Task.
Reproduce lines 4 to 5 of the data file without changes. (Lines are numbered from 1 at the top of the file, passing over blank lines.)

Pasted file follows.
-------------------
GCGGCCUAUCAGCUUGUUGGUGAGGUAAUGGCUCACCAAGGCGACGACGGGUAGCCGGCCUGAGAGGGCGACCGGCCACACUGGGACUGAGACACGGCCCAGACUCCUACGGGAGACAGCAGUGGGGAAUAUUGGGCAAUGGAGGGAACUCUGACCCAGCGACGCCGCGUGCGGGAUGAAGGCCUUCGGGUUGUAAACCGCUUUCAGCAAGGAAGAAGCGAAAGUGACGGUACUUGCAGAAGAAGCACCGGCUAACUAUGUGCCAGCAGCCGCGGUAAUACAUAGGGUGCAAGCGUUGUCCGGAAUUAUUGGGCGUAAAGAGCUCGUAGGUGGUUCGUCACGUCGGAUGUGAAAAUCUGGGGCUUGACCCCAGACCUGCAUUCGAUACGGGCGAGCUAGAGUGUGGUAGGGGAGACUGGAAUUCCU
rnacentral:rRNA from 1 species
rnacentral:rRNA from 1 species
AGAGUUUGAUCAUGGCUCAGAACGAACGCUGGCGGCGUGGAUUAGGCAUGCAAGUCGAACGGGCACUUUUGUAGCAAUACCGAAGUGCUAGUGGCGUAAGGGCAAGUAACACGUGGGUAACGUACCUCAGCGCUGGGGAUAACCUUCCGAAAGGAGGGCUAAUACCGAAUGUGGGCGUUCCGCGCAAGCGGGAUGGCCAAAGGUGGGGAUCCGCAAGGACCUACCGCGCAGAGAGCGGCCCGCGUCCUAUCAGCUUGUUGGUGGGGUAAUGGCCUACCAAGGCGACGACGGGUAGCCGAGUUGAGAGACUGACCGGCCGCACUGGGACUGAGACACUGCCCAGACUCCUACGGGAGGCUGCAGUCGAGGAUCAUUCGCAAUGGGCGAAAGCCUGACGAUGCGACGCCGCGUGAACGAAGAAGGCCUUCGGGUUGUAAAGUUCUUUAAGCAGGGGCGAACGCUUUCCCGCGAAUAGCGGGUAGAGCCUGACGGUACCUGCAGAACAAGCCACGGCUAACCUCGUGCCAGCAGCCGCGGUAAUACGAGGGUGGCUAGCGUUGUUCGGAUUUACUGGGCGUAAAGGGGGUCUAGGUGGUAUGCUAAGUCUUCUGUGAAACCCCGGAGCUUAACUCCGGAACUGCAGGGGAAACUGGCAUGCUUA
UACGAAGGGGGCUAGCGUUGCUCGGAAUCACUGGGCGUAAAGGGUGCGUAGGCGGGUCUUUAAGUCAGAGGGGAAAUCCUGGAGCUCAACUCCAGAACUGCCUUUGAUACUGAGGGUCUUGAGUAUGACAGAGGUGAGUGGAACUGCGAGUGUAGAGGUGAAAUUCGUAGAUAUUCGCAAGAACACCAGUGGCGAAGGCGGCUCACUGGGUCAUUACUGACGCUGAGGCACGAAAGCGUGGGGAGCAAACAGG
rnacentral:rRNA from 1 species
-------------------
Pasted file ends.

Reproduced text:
AGAGUUUGAUCAUGGCUCAGAACGAACGCUGGCGGCGUGGAUUAGGCAUGCAAGUCGAACGGGCACUUUUGUAGCAAUACCGAAGUGCUAGUGGCGUAAGGGCAAGUAACACGUGGGUAACGUACCUCAGCGCUGGGGAUAACCUUCCGAAAGGAGGGCUAAUACCGAAUGUGGGCGUUCCGCGCAAGCGGGAUGGCCAAAGGUGGGGAUCCGCAAGGACCUACCGCGCAGAGAGCGGCCCGCGUCCUAUCAGCUUGUUGGUGGGGUAAUGGCCUACCAAGGCGACGACGGGUAGCCGAGUUGAGAGACUGACCGGCCGCACUGGGACUGAGACACUGCCCAGACUCCUACGGGAGGCUGCAGUCGAGGAUCAUUCGCAAUGGGCGAAAGCCUGACGAUGCGACGCCGCGUGAACGAAGAAGGCCUUCGGGUUGUAAAGUUCUUUAAGCAGGGGCGAACGCUUUCCCGCGAAUAGCGGGUAGAGCCUGACGGUACCUGCAGAACAAGCCACGGCUAACCUCGUGCCAGCAGCCGCGGUAAUACGAGGGUGGCUAGCGUUGUUCGGAUUUACUGGGCGUAAAGGGGGUCUAGGUGGUAUGCUAAGUCUUCUGUGAAACCCCGGAGCUUAACUCCGGAACUGCAGGGGAAACUGGCAUGCUUA
UACGAAGGGGGCUAGCGUUGCUCGGAAUCACUGGGCGUAAAGGGUGCGUAGGCGGGUCUUUAAGUCAGAGGGGAAAUCCUGGAGCUCAACUCCAGAACUGCCUUUGAUACUGAGGGUCUUGAGUAUGACAGAGGUGAGUGGAACUGCGAGUGUAGAGGUGAAAUUCGUAGAUAUUCGCAAGAACACCAGUGGCGAAGGCGGCUCACUGGGUCAUUACUGACGCUGAGGCACGAAAGCGUGGGGAGCAAACAGG